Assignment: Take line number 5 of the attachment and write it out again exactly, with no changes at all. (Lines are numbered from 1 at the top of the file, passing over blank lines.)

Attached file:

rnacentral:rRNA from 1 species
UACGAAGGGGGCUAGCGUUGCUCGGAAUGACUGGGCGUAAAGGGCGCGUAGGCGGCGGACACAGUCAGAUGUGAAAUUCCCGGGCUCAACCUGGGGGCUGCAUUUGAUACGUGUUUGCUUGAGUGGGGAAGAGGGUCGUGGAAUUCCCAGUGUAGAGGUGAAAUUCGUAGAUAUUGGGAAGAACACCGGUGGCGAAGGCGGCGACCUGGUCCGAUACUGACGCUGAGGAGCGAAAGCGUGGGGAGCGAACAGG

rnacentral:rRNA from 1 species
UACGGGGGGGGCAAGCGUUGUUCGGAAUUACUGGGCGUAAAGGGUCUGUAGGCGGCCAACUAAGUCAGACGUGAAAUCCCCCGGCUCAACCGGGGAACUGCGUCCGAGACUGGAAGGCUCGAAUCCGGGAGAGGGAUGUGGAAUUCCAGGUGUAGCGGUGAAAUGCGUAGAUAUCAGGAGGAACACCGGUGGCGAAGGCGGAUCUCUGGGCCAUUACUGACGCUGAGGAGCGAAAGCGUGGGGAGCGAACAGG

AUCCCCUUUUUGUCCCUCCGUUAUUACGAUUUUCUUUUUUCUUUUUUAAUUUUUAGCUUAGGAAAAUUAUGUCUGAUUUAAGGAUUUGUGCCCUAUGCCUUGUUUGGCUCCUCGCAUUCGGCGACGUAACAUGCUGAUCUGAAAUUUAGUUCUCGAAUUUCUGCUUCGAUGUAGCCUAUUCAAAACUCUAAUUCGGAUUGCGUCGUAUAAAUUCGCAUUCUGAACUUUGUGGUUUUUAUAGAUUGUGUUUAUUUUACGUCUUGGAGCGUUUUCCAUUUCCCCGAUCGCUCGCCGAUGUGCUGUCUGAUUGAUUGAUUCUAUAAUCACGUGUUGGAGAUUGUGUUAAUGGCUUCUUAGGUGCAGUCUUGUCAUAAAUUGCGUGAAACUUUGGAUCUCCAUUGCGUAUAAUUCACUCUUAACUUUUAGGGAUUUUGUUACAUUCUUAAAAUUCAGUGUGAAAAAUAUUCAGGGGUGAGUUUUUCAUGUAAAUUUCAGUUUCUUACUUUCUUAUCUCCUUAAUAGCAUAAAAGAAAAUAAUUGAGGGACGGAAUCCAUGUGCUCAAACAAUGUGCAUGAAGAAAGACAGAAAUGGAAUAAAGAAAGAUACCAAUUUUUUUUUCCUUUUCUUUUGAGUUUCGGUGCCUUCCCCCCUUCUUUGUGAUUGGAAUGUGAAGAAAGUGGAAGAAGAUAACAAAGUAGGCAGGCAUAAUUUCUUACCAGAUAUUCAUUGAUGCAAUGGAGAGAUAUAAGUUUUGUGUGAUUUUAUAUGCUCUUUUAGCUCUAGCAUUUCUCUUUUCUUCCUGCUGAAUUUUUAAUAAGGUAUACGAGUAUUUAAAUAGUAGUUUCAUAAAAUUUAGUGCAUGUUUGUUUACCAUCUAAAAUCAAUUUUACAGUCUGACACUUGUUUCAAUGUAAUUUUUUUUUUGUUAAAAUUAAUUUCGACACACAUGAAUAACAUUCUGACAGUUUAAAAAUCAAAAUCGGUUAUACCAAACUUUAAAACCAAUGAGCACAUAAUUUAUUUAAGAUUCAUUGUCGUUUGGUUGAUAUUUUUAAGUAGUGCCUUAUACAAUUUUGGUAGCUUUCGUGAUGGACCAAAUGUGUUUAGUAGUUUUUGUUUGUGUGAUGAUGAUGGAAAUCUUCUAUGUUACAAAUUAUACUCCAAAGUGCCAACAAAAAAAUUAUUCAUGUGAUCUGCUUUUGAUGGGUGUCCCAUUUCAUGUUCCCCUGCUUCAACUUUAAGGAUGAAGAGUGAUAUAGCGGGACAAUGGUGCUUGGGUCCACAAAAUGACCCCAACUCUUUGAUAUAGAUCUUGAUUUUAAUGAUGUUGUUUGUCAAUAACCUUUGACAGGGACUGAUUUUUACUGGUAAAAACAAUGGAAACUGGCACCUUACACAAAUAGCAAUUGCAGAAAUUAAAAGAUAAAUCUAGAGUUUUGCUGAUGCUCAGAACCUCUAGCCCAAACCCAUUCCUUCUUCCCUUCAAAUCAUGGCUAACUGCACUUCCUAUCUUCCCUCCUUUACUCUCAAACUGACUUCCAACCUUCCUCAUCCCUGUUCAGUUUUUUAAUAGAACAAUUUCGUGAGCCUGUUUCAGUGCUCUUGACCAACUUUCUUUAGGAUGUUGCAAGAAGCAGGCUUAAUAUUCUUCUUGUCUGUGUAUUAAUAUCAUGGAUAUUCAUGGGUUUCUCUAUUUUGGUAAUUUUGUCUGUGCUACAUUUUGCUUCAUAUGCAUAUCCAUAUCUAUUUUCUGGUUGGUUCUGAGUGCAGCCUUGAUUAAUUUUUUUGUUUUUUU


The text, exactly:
AUCCCCUUUUUGUCCCUCCGUUAUUACGAUUUUCUUUUUUCUUUUUUAAUUUUUAGCUUAGGAAAAUUAUGUCUGAUUUAAGGAUUUGUGCCCUAUGCCUUGUUUGGCUCCUCGCAUUCGGCGACGUAACAUGCUGAUCUGAAAUUUAGUUCUCGAAUUUCUGCUUCGAUGUAGCCUAUUCAAAACUCUAAUUCGGAUUGCGUCGUAUAAAUUCGCAUUCUGAACUUUGUGGUUUUUAUAGAUUGUGUUUAUUUUACGUCUUGGAGCGUUUUCCAUUUCCCCGAUCGCUCGCCGAUGUGCUGUCUGAUUGAUUGAUUCUAUAAUCACGUGUUGGAGAUUGUGUUAAUGGCUUCUUAGGUGCAGUCUUGUCAUAAAUUGCGUGAAACUUUGGAUCUCCAUUGCGUAUAAUUCACUCUUAACUUUUAGGGAUUUUGUUACAUUCUUAAAAUUCAGUGUGAAAAAUAUUCAGGGGUGAGUUUUUCAUGUAAAUUUCAGUUUCUUACUUUCUUAUCUCCUUAAUAGCAUAAAAGAAAAUAAUUGAGGGACGGAAUCCAUGUGCUCAAACAAUGUGCAUGAAGAAAGACAGAAAUGGAAUAAAGAAAGAUACCAAUUUUUUUUUCCUUUUCUUUUGAGUUUCGGUGCCUUCCCCCCUUCUUUGUGAUUGGAAUGUGAAGAAAGUGGAAGAAGAUAACAAAGUAGGCAGGCAUAAUUUCUUACCAGAUAUUCAUUGAUGCAAUGGAGAGAUAUAAGUUUUGUGUGAUUUUAUAUGCUCUUUUAGCUCUAGCAUUUCUCUUUUCUUCCUGCUGAAUUUUUAAUAAGGUAUACGAGUAUUUAAAUAGUAGUUUCAUAAAAUUUAGUGCAUGUUUGUUUACCAUCUAAAAUCAAUUUUACAGUCUGACACUUGUUUCAAUGUAAUUUUUUUUUUGUUAAAAUUAAUUUCGACACACAUGAAUAACAUUCUGACAGUUUAAAAAUCAAAAUCGGUUAUACCAAACUUUAAAACCAAUGAGCACAUAAUUUAUUUAAGAUUCAUUGUCGUUUGGUUGAUAUUUUUAAGUAGUGCCUUAUACAAUUUUGGUAGCUUUCGUGAUGGACCAAAUGUGUUUAGUAGUUUUUGUUUGUGUGAUGAUGAUGGAAAUCUUCUAUGUUACAAAUUAUACUCCAAAGUGCCAACAAAAAAAUUAUUCAUGUGAUCUGCUUUUGAUGGGUGUCCCAUUUCAUGUUCCCCUGCUUCAACUUUAAGGAUGAAGAGUGAUAUAGCGGGACAAUGGUGCUUGGGUCCACAAAAUGACCCCAACUCUUUGAUAUAGAUCUUGAUUUUAAUGAUGUUGUUUGUCAAUAACCUUUGACAGGGACUGAUUUUUACUGGUAAAAACAAUGGAAACUGGCACCUUACACAAAUAGCAAUUGCAGAAAUUAAAAGAUAAAUCUAGAGUUUUGCUGAUGCUCAGAACCUCUAGCCCAAACCCAUUCCUUCUUCCCUUCAAAUCAUGGCUAACUGCACUUCCUAUCUUCCCUCCUUUACUCUCAAACUGACUUCCAACCUUCCUCAUCCCUGUUCAGUUUUUUAAUAGAACAAUUUCGUGAGCCUGUUUCAGUGCUCUUGACCAACUUUCUUUAGGAUGUUGCAAGAAGCAGGCUUAAUAUUCUUCUUGUCUGUGUAUUAAUAUCAUGGAUAUUCAUGGGUUUCUCUAUUUUGGUAAUUUUGUCUGUGCUACAUUUUGCUUCAUAUGCAUAUCCAUAUCUAUUUUCUGGUUGGUUCUGAGUGCAGCCUUGAUUAAUUUUUUUGUUUUUUU